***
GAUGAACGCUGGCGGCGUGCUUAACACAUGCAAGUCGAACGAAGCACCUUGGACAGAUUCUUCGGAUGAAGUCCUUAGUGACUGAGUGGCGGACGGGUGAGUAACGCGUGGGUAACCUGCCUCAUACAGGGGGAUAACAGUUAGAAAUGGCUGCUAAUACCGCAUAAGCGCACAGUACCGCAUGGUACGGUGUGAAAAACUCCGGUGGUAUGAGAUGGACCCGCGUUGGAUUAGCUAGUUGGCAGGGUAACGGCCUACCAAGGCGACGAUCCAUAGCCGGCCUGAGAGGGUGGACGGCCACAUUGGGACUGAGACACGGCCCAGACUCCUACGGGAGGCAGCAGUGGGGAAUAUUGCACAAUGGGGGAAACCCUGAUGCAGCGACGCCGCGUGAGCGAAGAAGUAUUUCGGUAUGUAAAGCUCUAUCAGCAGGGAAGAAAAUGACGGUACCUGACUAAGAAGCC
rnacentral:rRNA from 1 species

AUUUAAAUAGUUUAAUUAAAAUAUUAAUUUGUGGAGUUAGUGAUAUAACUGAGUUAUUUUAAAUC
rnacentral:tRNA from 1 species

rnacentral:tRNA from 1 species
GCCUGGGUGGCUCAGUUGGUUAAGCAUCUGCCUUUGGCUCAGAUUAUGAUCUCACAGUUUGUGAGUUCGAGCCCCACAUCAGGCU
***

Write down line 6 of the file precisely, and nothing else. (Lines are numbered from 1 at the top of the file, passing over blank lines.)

GCCUGGGUGGCUCAGUUGGUUAAGCAUCUGCCUUUGGCUCAGAUUAUGAUCUCACAGUUUGUGAGUUCGAGCCCCACAUCAGGCU